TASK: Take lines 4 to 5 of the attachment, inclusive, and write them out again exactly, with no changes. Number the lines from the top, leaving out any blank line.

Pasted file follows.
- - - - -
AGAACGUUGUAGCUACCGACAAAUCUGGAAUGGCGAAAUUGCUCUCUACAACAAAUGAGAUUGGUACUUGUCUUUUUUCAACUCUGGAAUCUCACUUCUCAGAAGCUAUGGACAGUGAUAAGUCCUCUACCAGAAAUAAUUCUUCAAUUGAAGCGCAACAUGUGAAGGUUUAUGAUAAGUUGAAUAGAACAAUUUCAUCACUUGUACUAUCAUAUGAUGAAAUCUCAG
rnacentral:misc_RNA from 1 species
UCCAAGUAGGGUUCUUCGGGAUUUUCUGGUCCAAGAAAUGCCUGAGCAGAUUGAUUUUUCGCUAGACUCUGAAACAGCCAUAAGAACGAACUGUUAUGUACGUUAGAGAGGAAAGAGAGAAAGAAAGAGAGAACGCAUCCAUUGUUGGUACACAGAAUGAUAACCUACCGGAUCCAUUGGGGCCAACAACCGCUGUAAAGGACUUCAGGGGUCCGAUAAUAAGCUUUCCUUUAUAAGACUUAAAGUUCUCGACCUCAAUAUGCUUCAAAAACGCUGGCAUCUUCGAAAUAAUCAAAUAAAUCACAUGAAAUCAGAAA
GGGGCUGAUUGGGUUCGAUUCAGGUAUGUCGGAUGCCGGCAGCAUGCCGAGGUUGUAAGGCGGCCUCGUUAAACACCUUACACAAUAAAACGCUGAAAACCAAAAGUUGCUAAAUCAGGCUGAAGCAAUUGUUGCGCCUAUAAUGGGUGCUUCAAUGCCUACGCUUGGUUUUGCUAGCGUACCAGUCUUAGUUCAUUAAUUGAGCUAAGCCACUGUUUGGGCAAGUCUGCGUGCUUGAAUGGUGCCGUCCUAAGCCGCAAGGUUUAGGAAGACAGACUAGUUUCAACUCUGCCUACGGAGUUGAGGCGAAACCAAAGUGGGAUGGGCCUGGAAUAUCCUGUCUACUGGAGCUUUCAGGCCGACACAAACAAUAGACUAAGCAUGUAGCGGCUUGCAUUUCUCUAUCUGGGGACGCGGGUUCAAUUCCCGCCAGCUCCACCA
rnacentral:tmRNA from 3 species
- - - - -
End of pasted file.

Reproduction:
GGGGCUGAUUGGGUUCGAUUCAGGUAUGUCGGAUGCCGGCAGCAUGCCGAGGUUGUAAGGCGGCCUCGUUAAACACCUUACACAAUAAAACGCUGAAAACCAAAAGUUGCUAAAUCAGGCUGAAGCAAUUGUUGCGCCUAUAAUGGGUGCUUCAAUGCCUACGCUUGGUUUUGCUAGCGUACCAGUCUUAGUUCAUUAAUUGAGCUAAGCCACUGUUUGGGCAAGUCUGCGUGCUUGAAUGGUGCCGUCCUAAGCCGCAAGGUUUAGGAAGACAGACUAGUUUCAACUCUGCCUACGGAGUUGAGGCGAAACCAAAGUGGGAUGGGCCUGGAAUAUCCUGUCUACUGGAGCUUUCAGGCCGACACAAACAAUAGACUAAGCAUGUAGCGGCUUGCAUUUCUCUAUCUGGGGACGCGGGUUCAAUUCCCGCCAGCUCCACCA
rnacentral:tmRNA from 3 species